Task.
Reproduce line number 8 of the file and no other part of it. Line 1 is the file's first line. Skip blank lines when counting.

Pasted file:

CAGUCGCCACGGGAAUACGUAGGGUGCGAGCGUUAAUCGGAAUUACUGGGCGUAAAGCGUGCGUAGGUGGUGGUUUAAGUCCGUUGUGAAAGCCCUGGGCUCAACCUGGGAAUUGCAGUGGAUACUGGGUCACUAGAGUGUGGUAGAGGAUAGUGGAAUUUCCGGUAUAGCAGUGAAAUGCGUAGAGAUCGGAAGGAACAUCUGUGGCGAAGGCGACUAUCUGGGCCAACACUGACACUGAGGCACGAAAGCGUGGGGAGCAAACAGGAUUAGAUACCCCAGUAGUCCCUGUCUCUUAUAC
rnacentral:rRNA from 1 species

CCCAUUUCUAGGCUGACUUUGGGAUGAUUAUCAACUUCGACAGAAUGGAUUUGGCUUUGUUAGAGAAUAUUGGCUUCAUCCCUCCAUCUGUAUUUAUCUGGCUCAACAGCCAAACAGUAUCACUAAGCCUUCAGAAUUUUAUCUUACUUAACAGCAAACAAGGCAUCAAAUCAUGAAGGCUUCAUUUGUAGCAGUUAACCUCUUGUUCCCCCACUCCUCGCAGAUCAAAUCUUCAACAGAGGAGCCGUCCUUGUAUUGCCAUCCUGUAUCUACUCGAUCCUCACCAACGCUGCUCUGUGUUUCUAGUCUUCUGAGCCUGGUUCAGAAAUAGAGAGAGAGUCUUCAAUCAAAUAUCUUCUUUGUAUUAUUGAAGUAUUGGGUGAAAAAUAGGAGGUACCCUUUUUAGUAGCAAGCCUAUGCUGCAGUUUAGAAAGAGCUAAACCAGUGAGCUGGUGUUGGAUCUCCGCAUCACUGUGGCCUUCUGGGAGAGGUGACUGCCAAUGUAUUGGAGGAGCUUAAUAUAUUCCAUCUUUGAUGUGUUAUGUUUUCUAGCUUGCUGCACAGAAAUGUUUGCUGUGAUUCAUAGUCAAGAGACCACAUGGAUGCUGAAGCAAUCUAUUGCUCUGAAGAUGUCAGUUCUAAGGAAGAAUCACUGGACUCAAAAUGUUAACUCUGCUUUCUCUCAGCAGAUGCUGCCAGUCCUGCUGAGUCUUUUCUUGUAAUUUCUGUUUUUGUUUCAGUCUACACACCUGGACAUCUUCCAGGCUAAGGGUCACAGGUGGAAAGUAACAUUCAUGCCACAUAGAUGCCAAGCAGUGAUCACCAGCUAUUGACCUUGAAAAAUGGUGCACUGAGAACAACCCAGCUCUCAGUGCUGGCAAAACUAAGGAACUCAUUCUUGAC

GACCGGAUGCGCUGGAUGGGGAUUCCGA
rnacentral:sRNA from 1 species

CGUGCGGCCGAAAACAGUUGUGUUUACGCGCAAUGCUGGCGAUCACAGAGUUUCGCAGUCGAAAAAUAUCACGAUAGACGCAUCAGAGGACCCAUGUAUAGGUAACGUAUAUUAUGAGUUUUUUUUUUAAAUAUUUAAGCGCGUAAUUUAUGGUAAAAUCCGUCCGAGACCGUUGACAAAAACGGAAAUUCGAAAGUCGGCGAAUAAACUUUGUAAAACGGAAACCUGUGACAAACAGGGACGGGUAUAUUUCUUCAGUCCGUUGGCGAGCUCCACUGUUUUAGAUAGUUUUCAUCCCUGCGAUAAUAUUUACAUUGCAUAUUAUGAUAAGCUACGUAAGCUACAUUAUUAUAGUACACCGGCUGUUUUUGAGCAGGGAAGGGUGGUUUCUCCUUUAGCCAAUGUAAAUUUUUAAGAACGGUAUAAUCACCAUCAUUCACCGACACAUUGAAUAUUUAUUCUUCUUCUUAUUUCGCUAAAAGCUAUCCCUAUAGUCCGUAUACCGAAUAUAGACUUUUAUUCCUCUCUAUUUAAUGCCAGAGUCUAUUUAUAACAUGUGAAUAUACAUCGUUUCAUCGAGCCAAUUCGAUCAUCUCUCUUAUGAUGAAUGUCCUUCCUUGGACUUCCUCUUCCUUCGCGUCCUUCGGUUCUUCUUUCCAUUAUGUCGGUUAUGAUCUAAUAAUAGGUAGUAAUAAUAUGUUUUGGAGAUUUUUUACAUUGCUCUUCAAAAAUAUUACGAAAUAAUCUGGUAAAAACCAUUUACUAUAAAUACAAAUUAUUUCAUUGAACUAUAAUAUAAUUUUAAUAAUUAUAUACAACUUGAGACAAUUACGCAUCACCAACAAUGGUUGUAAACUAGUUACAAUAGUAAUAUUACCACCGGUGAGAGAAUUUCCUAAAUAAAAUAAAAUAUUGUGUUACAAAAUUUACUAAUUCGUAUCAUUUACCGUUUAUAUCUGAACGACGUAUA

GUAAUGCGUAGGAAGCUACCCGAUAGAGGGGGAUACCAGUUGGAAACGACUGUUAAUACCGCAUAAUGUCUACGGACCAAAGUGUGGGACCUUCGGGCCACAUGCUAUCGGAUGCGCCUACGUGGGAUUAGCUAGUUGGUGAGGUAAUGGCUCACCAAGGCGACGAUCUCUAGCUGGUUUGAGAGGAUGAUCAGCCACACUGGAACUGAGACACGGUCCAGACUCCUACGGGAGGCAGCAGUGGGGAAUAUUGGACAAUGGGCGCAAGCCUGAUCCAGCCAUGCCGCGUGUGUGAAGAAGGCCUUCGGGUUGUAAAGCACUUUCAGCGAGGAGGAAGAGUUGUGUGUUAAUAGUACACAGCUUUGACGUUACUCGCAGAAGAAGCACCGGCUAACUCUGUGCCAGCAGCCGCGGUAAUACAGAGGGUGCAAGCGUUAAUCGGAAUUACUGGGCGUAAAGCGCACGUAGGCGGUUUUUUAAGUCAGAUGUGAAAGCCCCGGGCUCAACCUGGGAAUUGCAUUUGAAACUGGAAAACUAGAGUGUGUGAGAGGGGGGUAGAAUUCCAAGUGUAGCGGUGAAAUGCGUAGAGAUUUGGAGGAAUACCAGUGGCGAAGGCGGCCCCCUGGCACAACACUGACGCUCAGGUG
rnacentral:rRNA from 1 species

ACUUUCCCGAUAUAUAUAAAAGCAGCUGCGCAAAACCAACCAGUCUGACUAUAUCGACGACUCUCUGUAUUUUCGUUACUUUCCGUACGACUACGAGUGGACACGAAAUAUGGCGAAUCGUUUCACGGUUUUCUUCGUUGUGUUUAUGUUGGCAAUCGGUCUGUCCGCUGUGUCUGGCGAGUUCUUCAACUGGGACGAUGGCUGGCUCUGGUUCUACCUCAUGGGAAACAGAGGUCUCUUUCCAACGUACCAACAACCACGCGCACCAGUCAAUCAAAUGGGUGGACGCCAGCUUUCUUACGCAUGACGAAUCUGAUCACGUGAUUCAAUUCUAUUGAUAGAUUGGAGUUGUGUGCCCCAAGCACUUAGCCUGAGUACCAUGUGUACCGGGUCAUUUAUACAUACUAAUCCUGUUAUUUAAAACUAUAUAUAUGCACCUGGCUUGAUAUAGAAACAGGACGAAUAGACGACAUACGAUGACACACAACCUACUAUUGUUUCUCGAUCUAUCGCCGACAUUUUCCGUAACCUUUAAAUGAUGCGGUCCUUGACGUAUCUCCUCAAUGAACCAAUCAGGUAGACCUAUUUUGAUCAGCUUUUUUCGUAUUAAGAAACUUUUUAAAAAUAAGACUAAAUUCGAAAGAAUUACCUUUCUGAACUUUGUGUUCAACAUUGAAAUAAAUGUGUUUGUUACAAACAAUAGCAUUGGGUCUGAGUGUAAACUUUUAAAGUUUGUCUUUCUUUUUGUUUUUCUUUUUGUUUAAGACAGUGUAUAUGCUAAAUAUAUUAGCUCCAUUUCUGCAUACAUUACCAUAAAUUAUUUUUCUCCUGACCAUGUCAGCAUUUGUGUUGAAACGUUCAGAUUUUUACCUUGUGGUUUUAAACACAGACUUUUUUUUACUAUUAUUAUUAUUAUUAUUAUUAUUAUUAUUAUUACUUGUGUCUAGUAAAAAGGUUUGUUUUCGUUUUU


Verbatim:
rnacentral:rRNA from 1 species